}

};

// main function int main()

{

//creating object of sub class will

//invoke the constructor of base classes

Car obj;

return 0;

}

output: This is a Vehicle Objects with 4 wheels are vehicles Car has 4 Wheel

Hierarchical Inheritance:

More than one sub-class is inherited from a single base class in this sort of inheritance. i.e. from a single base class, multiple derived classes are produced.

Class B, C, and D all inherit the same class A, as seen in the example above.

// C++ program to implement

// Hierarchical Inheritance

#include <iostream>

using namespace std;

// base class

class Vehicle

{

public: Vehicle()

{

cout << “This is a Vehicle” << endl;

}

};

// first sub class

class Car: public Vehicle

{

};

// second sub class

class Bus: public Vehicle

{

};

// main function int main()

{

// creating object of subclass will

// invoke the constructor of base class

Car obj1;

Bus obj2;

return 0;

}

Output:

This is a Vehicle

This is a Vehicle

Hybrid Inheritance:

Hybrid inheritance is created by merging multiple inheritance types.

Eg: Combining Hierarchical Inheritance and Multiple Inheritance.

As shown in the example above, all of Class A’s public and protected members are inherited into Class D, first via Class B and then via Class C.

// C++ program for Hybrid Inheritance

#include <iostream>

using namespace std;

// base class

class Vehicle

{

public:

Vehicle()

{

cout << “This is a Vehicle” << endl;

}

};

//base class

class Fare

{

public: Fare()

{

cout<<”Fare of Vehicle\n”;

}

};

// first sub class

class Car:

public Vehicle

{

};

// second sub class

class Bus: public Vehicle, public Fare { };

// main function int main()

{

// creating object of sub class will

// invoke the constructor of base class

Bus obj2;

return 0;

}

Output:

This is a Vehicle

Fare of Vehicle

The virtual base class in C++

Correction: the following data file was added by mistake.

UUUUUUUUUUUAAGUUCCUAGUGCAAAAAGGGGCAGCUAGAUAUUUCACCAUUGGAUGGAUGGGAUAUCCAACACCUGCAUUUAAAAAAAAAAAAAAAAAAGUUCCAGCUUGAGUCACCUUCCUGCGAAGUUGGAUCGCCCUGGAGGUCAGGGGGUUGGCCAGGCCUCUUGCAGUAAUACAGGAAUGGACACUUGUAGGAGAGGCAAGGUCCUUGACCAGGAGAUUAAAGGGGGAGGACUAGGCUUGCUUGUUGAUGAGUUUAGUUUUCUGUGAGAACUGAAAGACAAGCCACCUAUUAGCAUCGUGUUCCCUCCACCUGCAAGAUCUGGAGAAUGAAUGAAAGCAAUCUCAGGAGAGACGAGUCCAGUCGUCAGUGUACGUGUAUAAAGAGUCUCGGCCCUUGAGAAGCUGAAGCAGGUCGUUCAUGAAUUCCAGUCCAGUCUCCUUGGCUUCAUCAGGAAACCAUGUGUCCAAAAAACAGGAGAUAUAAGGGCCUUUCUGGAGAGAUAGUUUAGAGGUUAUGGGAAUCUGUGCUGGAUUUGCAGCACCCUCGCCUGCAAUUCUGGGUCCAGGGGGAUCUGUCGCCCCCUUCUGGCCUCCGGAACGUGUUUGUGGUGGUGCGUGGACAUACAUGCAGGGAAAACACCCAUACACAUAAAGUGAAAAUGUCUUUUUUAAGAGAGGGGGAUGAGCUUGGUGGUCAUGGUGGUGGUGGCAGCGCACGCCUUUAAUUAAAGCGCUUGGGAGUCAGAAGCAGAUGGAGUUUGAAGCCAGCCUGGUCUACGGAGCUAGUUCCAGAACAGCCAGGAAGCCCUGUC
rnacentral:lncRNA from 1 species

When multiple inheritances are employed, virtual base classes are used to avoid numerous “instances” of a given class from appearing in an inheritance hierarchy.

A special case of hybrid inheritance: Multipath inheritance:

A derived class with two base classes and these two base classes have one common base class is called multipath inheritance. An ambiguity can arrise in this type of inheritance

Consider the following program:

// C++ program demonstrating ambiguity in Multipath Inheritance

#include<iostream.h>

#include<conio.h>

class ClassA

{

public: int a;};

class ClassB :

public ClassA {

public: int b;

};

class ClassC : public ClassA

{

public: int c;

};

class ClassD :

public ClassB,

public ClassC { public: int d; };

void main() {

ClassD obj;

//obj.a = 10;

//Statement 1,

Error

//obj.a = 100;

//Statement 2,

Error obj.ClassB::a = 10;

//Statement 3 obj.ClassC::a = 100;

//Statement 4 obj.b = 20;

obj.c = 30;

obj.d = 40;

cout<< “\n A from ClassB :

“<< obj.ClassB::a;

cout<< “\n A from ClassC :

“<< obj.ClassC::a; cout<< “\n B : “<< obj.b;

cout<< “\n C : “<< obj.c;

cout<< “\n D : “<< obj.d;

}

Output:

A from ClassB : 10

A from ClassC : 100

B : 20

C : 30

D : 40

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Navneeth Menon
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I’m Navneeth Menon. And I’m a Developer. Currently, I am a Student. I believe that a person should work on developing new things of all time.